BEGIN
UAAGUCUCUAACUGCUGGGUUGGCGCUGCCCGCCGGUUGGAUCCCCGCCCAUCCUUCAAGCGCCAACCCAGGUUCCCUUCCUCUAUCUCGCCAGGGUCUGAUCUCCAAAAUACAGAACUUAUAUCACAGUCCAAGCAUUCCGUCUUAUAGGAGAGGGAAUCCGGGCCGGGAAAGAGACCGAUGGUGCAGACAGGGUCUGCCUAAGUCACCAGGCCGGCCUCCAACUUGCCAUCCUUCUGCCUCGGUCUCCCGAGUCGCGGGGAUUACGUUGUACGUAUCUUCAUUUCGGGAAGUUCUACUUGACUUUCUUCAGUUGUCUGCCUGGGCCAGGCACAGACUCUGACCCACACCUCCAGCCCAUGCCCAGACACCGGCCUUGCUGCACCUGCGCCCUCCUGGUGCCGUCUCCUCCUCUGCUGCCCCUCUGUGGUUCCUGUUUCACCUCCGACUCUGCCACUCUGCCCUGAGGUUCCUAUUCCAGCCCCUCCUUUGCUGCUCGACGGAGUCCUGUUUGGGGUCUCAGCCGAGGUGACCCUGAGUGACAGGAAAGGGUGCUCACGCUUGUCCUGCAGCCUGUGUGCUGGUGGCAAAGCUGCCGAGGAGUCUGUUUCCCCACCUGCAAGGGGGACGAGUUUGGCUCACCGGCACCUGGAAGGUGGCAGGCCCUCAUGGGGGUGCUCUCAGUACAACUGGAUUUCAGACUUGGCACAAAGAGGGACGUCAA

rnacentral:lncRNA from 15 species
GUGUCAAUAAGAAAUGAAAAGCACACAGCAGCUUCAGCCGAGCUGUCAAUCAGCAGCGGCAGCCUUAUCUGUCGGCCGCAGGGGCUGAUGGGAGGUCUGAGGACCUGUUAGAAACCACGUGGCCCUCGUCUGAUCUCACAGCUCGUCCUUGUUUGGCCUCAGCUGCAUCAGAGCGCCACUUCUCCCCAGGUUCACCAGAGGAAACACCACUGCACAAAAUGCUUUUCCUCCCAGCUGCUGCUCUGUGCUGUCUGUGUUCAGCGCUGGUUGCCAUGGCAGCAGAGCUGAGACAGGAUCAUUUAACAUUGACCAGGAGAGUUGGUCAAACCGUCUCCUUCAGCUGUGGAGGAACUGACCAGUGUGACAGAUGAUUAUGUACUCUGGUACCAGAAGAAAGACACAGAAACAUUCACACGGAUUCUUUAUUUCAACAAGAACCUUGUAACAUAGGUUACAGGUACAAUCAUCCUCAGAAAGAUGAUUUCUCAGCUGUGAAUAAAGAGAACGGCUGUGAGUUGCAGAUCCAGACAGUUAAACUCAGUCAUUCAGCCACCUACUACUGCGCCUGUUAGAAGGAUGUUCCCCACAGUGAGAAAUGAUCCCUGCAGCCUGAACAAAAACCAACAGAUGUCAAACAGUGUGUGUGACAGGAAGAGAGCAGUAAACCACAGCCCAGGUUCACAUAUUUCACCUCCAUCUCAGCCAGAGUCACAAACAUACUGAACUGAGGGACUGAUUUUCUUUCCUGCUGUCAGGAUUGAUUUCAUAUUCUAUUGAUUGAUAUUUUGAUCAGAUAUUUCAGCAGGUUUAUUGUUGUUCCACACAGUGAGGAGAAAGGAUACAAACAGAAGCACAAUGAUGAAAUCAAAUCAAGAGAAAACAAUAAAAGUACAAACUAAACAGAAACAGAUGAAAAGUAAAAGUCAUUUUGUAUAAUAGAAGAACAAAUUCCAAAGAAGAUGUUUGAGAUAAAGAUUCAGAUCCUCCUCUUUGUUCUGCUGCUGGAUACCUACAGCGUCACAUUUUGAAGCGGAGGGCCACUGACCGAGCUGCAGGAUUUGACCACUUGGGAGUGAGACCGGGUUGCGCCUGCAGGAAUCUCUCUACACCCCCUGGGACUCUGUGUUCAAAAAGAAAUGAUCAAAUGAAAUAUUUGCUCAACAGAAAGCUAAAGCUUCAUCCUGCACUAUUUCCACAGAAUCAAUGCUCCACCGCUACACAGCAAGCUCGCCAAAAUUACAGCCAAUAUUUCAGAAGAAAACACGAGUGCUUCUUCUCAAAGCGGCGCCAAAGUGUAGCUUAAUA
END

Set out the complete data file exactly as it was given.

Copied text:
UAAGUCUCUAACUGCUGGGUUGGCGCUGCCCGCCGGUUGGAUCCCCGCCCAUCCUUCAAGCGCCAACCCAGGUUCCCUUCCUCUAUCUCGCCAGGGUCUGAUCUCCAAAAUACAGAACUUAUAUCACAGUCCAAGCAUUCCGUCUUAUAGGAGAGGGAAUCCGGGCCGGGAAAGAGACCGAUGGUGCAGACAGGGUCUGCCUAAGUCACCAGGCCGGCCUCCAACUUGCCAUCCUUCUGCCUCGGUCUCCCGAGUCGCGGGGAUUACGUUGUACGUAUCUUCAUUUCGGGAAGUUCUACUUGACUUUCUUCAGUUGUCUGCCUGGGCCAGGCACAGACUCUGACCCACACCUCCAGCCCAUGCCCAGACACCGGCCUUGCUGCACCUGCGCCCUCCUGGUGCCGUCUCCUCCUCUGCUGCCCCUCUGUGGUUCCUGUUUCACCUCCGACUCUGCCACUCUGCCCUGAGGUUCCUAUUCCAGCCCCUCCUUUGCUGCUCGACGGAGUCCUGUUUGGGGUCUCAGCCGAGGUGACCCUGAGUGACAGGAAAGGGUGCUCACGCUUGUCCUGCAGCCUGUGUGCUGGUGGCAAAGCUGCCGAGGAGUCUGUUUCCCCACCUGCAAGGGGGACGAGUUUGGCUCACCGGCACCUGGAAGGUGGCAGGCCCUCAUGGGGGUGCUCUCAGUACAACUGGAUUUCAGACUUGGCACAAAGAGGGACGUCAA

rnacentral:lncRNA from 15 species
GUGUCAAUAAGAAAUGAAAAGCACACAGCAGCUUCAGCCGAGCUGUCAAUCAGCAGCGGCAGCCUUAUCUGUCGGCCGCAGGGGCUGAUGGGAGGUCUGAGGACCUGUUAGAAACCACGUGGCCCUCGUCUGAUCUCACAGCUCGUCCUUGUUUGGCCUCAGCUGCAUCAGAGCGCCACUUCUCCCCAGGUUCACCAGAGGAAACACCACUGCACAAAAUGCUUUUCCUCCCAGCUGCUGCUCUGUGCUGUCUGUGUUCAGCGCUGGUUGCCAUGGCAGCAGAGCUGAGACAGGAUCAUUUAACAUUGACCAGGAGAGUUGGUCAAACCGUCUCCUUCAGCUGUGGAGGAACUGACCAGUGUGACAGAUGAUUAUGUACUCUGGUACCAGAAGAAAGACACAGAAACAUUCACACGGAUUCUUUAUUUCAACAAGAACCUUGUAACAUAGGUUACAGGUACAAUCAUCCUCAGAAAGAUGAUUUCUCAGCUGUGAAUAAAGAGAACGGCUGUGAGUUGCAGAUCCAGACAGUUAAACUCAGUCAUUCAGCCACCUACUACUGCGCCUGUUAGAAGGAUGUUCCCCACAGUGAGAAAUGAUCCCUGCAGCCUGAACAAAAACCAACAGAUGUCAAACAGUGUGUGUGACAGGAAGAGAGCAGUAAACCACAGCCCAGGUUCACAUAUUUCACCUCCAUCUCAGCCAGAGUCACAAACAUACUGAACUGAGGGACUGAUUUUCUUUCCUGCUGUCAGGAUUGAUUUCAUAUUCUAUUGAUUGAUAUUUUGAUCAGAUAUUUCAGCAGGUUUAUUGUUGUUCCACACAGUGAGGAGAAAGGAUACAAACAGAAGCACAAUGAUGAAAUCAAAUCAAGAGAAAACAAUAAAAGUACAAACUAAACAGAAACAGAUGAAAAGUAAAAGUCAUUUUGUAUAAUAGAAGAACAAAUUCCAAAGAAGAUGUUUGAGAUAAAGAUUCAGAUCCUCCUCUUUGUUCUGCUGCUGGAUACCUACAGCGUCACAUUUUGAAGCGGAGGGCCACUGACCGAGCUGCAGGAUUUGACCACUUGGGAGUGAGACCGGGUUGCGCCUGCAGGAAUCUCUCUACACCCCCUGGGACUCUGUGUUCAAAAAGAAAUGAUCAAAUGAAAUAUUUGCUCAACAGAAAGCUAAAGCUUCAUCCUGCACUAUUUCCACAGAAUCAAUGCUCCACCGCUACACAGCAAGCUCGCCAAAAUUACAGCCAAUAUUUCAGAAGAAAACACGAGUGCUUCUUCUCAAAGCGGCGCCAAAGUGUAGCUUAAUA